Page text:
Your secret super power

Can robots be creative? And if they were would it count?

I don’t think so. As Seinfeld once explained: “People wanna see someone sweat”.

Here’s my mid-Summer column for British Airways’ Business Life magazine.

BA Business Life JulyAugust2015






Waking up the morning crew at Live Tech

Sometimes you have to take your own medicine. As various sages have observed: wisdom is being able to take your own advice.
(If your advice is not so good then I guess that doesn’t apply)
In any event, in the survival manual for the age of automation - The End of Nice – the key instruction is that a change of attitude and behaviour is necessary. Without shifting your mindset to Anti-Nice you’ll struggle during the aacceleration to our emerging post-capitalist, roboworld.
So it was only appropriate that, having preached a change in behaviour, I had to do it myself . Specifically I had to break my lifelong commitment to late rising  in order to do a crack-of-dawn talk at the Barbican where I was opening the Livetech event.
I struggle with early mornings. I’m sure all the best people do.  I complained about the unfairness of it all in one of my BA Business Life columns. But you know what? It didn’t kill me and I think there’s even a secret benefit to public speaking that comes from fancying that all these people in front of you are really just a figment of your dreamworld.





Another smash!

So finally I got to be a sports reporter. Well, kind of. That’s to say I got to write an article in a newspaper that mentioned trick shots, Wimbledon and Roger Federer. A check mark on the bucket list. Here’s the intro to the piece that was mainly concerned with the under-the-surface transformation of Wimbledon into a social media powerhouse.

Front of house at Wimbledon is all about tradition — strawberries and cream, tennis whites and celebrities in the Royal Box. But behind the scenes, there is nothing traditional about social targeting, “cord-cutting” and finding new ways to exploit the global appetite for two weeks of grass court tennis.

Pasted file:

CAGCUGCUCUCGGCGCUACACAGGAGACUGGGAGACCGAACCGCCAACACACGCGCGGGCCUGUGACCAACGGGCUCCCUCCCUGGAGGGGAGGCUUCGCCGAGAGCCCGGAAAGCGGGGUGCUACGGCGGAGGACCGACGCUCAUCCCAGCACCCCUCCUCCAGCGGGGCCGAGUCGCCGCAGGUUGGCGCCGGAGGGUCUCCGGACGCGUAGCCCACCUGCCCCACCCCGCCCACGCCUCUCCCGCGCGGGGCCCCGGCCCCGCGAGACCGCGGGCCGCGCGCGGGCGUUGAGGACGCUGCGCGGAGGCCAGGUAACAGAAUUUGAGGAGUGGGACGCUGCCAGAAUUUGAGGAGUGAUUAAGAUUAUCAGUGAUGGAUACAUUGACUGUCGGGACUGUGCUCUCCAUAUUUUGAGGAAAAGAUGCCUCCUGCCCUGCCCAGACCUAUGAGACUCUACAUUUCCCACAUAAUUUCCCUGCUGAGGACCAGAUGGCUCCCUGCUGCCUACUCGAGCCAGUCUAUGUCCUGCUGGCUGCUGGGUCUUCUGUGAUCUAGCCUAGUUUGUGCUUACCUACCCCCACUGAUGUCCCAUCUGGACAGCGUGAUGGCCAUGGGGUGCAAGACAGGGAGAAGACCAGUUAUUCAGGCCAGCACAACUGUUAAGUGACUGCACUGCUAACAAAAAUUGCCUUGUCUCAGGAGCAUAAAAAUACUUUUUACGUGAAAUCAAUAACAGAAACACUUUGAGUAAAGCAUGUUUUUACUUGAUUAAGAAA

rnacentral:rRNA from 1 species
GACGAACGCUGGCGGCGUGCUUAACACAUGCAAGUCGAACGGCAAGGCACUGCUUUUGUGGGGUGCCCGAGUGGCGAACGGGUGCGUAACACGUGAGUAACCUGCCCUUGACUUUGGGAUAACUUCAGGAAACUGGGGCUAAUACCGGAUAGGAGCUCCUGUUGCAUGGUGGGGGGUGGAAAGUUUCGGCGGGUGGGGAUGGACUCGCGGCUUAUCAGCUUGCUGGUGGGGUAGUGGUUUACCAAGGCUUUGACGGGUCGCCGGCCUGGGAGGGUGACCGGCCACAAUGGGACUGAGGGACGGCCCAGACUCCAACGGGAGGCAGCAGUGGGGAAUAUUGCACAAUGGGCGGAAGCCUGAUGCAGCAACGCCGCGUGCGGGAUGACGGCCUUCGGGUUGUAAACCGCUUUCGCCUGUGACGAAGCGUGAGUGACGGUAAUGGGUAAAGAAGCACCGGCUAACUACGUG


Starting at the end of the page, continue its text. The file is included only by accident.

Last year Wimbledon began sharing real time video clips of on-court action for the first time. It recorded 3.5m views in two weeks. This year a single, audacious shot by Roger Federer accumulated 4m views in 24 hours.

Read the full article here on the FT.


Cities to launch a tech startup

Suppose you could set up a startup just about anywhere in the world. Where would you go?

Cork City at the foot of Ireland’s rebel county ? Or maybe Austin, Texas the home home of SXSW, live music and BBQs? Or Copenhagen, the happy capital City of Denmark and  hygge (cosiness) ? Or perhaps Cardiff – the fast transforming capital of Wales.

I looked at the pros and cons of each City in the FT. Cork and Austin are two cities that I have been closely involved with in setting up tech companies but I think I achieved as much objectivity as possible and so I did not mention the companies I’ve been involved in.





The transient hegemony of coders and my sense of inadequacy

My June column for British Airways Business Life.

Come on coders – hurry up and make your self redundant!
BA Business LifeJune15

On Sea Squirts, White Horses and Excellent Sheep

This is the second part of my interview with Bob Morris in which we discuss creatures that don’t use their brains, creatures that eat their brains and horses which aren’t really horses at all.

Wave Rider Sketch2




Here’s someone riding a white horse (…seen through a telescope).

And here’s where the interview resumes:

Morris: I agree with your suggestion in The Little Book of Big Thinking. that valuable lessons can sometimes be learned from, the most unlikely sources if (HUGE “if”) if we are retain an open mind and are receptive. For example, what can be learned from a sea squirt?

Newton: The life cycle of the sea squirt struck me as an excellent motif for the book. I came across it by complete serendipity, as I usually do when writing, just as I was trying to find a vivid way to illustrate the difference between using your mind to direct your life and using it to drift. I’d been thinking about a phrase a non-executive director at one of my companies often used about “busy fools”. That I think is the life of many of us. But it wasn’t striking.

And then I happened to open a biology book – which isn’t something I often do! – and came across the story of a sea squirt which was a perfect metaphor.

And a sea squirt, for those readers who like me were unaware, is a small tadpole-like creature that swims around the ocean finding things to eat. And one day it attaches itself to a rock or an old piece of coral and it never moves again. And because it will never again move it has no need for a brain. So it consumes it. It eats its own brain. And so, “use it or eat it” became the motif for the introductory chapter of the book.

The rest of the interview can be found here

and part 1 can be found here

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